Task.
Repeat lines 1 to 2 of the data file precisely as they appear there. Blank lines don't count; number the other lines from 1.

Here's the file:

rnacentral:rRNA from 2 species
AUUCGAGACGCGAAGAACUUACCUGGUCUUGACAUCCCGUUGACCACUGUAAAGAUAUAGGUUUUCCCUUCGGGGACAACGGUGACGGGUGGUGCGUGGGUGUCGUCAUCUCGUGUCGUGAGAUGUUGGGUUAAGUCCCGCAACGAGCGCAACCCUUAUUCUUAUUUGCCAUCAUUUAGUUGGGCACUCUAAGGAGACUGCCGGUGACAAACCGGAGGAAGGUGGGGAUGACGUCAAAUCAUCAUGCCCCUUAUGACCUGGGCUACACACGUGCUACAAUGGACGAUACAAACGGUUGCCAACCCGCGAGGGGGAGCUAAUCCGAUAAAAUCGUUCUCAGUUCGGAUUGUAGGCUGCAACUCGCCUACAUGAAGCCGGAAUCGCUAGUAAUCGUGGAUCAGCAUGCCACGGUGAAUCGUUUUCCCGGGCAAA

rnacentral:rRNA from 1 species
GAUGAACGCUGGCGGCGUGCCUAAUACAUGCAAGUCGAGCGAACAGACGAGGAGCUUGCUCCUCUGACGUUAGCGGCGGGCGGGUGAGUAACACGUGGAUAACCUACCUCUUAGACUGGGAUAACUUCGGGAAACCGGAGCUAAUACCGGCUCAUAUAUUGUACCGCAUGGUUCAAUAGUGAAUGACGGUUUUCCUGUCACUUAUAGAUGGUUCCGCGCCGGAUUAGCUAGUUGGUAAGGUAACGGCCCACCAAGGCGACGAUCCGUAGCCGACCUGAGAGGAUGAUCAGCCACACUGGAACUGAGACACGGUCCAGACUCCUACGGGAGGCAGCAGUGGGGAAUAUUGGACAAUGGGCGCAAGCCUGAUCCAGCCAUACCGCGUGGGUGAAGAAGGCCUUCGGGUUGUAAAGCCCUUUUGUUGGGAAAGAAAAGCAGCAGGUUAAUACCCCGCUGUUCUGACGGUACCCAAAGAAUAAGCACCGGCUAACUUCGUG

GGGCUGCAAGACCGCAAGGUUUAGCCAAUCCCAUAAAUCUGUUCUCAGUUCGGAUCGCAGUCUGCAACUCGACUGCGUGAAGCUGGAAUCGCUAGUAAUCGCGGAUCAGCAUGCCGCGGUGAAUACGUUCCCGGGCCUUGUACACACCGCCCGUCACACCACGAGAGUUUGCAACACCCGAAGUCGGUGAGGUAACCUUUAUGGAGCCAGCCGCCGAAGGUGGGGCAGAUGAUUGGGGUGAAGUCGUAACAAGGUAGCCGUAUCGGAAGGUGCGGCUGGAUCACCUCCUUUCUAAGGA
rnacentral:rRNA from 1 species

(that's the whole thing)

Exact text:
rnacentral:rRNA from 2 species
AUUCGAGACGCGAAGAACUUACCUGGUCUUGACAUCCCGUUGACCACUGUAAAGAUAUAGGUUUUCCCUUCGGGGACAACGGUGACGGGUGGUGCGUGGGUGUCGUCAUCUCGUGUCGUGAGAUGUUGGGUUAAGUCCCGCAACGAGCGCAACCCUUAUUCUUAUUUGCCAUCAUUUAGUUGGGCACUCUAAGGAGACUGCCGGUGACAAACCGGAGGAAGGUGGGGAUGACGUCAAAUCAUCAUGCCCCUUAUGACCUGGGCUACACACGUGCUACAAUGGACGAUACAAACGGUUGCCAACCCGCGAGGGGGAGCUAAUCCGAUAAAAUCGUUCUCAGUUCGGAUUGUAGGCUGCAACUCGCCUACAUGAAGCCGGAAUCGCUAGUAAUCGUGGAUCAGCAUGCCACGGUGAAUCGUUUUCCCGGGCAAA